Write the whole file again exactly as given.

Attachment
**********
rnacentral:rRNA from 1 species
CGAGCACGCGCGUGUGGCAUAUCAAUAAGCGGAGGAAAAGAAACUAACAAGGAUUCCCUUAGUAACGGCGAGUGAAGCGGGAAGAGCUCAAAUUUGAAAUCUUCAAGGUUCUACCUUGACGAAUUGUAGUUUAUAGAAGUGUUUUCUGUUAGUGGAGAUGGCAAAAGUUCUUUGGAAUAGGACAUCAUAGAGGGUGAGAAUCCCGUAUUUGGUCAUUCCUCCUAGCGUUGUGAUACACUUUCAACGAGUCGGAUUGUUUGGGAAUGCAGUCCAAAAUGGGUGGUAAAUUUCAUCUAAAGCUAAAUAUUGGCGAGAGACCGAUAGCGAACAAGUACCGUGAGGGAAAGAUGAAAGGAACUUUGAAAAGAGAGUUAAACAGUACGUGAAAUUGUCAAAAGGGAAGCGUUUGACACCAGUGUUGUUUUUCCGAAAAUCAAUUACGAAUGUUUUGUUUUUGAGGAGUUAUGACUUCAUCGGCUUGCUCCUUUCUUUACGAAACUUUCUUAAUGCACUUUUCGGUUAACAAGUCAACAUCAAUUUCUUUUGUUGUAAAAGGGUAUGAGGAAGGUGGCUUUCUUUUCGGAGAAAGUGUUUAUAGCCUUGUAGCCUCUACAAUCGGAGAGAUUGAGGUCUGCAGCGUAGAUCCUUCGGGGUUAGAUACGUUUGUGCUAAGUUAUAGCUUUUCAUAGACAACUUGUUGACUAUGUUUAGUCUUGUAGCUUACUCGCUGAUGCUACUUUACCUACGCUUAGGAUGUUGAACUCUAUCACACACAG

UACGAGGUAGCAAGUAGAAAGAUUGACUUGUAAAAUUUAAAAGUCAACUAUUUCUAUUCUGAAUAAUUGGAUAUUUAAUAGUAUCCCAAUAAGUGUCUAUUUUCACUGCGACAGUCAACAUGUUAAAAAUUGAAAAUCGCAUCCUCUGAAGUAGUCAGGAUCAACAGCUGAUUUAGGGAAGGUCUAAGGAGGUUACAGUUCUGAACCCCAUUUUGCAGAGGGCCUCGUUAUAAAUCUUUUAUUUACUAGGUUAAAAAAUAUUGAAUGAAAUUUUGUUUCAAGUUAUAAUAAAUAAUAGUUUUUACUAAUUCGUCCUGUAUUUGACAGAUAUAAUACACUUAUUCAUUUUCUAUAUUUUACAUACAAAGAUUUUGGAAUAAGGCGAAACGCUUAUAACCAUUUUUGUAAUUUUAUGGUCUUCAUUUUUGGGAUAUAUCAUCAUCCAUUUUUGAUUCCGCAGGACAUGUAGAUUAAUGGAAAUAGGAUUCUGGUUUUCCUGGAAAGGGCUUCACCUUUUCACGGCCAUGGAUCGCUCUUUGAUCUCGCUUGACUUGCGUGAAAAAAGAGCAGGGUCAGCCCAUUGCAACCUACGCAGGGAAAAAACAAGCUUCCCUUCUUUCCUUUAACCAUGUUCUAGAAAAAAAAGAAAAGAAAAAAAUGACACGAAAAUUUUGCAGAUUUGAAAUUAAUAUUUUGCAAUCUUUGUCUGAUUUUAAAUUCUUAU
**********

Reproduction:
rnacentral:rRNA from 1 species
CGAGCACGCGCGUGUGGCAUAUCAAUAAGCGGAGGAAAAGAAACUAACAAGGAUUCCCUUAGUAACGGCGAGUGAAGCGGGAAGAGCUCAAAUUUGAAAUCUUCAAGGUUCUACCUUGACGAAUUGUAGUUUAUAGAAGUGUUUUCUGUUAGUGGAGAUGGCAAAAGUUCUUUGGAAUAGGACAUCAUAGAGGGUGAGAAUCCCGUAUUUGGUCAUUCCUCCUAGCGUUGUGAUACACUUUCAACGAGUCGGAUUGUUUGGGAAUGCAGUCCAAAAUGGGUGGUAAAUUUCAUCUAAAGCUAAAUAUUGGCGAGAGACCGAUAGCGAACAAGUACCGUGAGGGAAAGAUGAAAGGAACUUUGAAAAGAGAGUUAAACAGUACGUGAAAUUGUCAAAAGGGAAGCGUUUGACACCAGUGUUGUUUUUCCGAAAAUCAAUUACGAAUGUUUUGUUUUUGAGGAGUUAUGACUUCAUCGGCUUGCUCCUUUCUUUACGAAACUUUCUUAAUGCACUUUUCGGUUAACAAGUCAACAUCAAUUUCUUUUGUUGUAAAAGGGUAUGAGGAAGGUGGCUUUCUUUUCGGAGAAAGUGUUUAUAGCCUUGUAGCCUCUACAAUCGGAGAGAUUGAGGUCUGCAGCGUAGAUCCUUCGGGGUUAGAUACGUUUGUGCUAAGUUAUAGCUUUUCAUAGACAACUUGUUGACUAUGUUUAGUCUUGUAGCUUACUCGCUGAUGCUACUUUACCUACGCUUAGGAUGUUGAACUCUAUCACACACAG

UACGAGGUAGCAAGUAGAAAGAUUGACUUGUAAAAUUUAAAAGUCAACUAUUUCUAUUCUGAAUAAUUGGAUAUUUAAUAGUAUCCCAAUAAGUGUCUAUUUUCACUGCGACAGUCAACAUGUUAAAAAUUGAAAAUCGCAUCCUCUGAAGUAGUCAGGAUCAACAGCUGAUUUAGGGAAGGUCUAAGGAGGUUACAGUUCUGAACCCCAUUUUGCAGAGGGCCUCGUUAUAAAUCUUUUAUUUACUAGGUUAAAAAAUAUUGAAUGAAAUUUUGUUUCAAGUUAUAAUAAAUAAUAGUUUUUACUAAUUCGUCCUGUAUUUGACAGAUAUAAUACACUUAUUCAUUUUCUAUAUUUUACAUACAAAGAUUUUGGAAUAAGGCGAAACGCUUAUAACCAUUUUUGUAAUUUUAUGGUCUUCAUUUUUGGGAUAUAUCAUCAUCCAUUUUUGAUUCCGCAGGACAUGUAGAUUAAUGGAAAUAGGAUUCUGGUUUUCCUGGAAAGGGCUUCACCUUUUCACGGCCAUGGAUCGCUCUUUGAUCUCGCUUGACUUGCGUGAAAAAAGAGCAGGGUCAGCCCAUUGCAACCUACGCAGGGAAAAAACAAGCUUCCCUUCUUUCCUUUAACCAUGUUCUAGAAAAAAAAGAAAAGAAAAAAAUGACACGAAAAUUUUGCAGAUUUGAAAUUAAUAUUUUGCAAUCUUUGUCUGAUUUUAAAUUCUUAU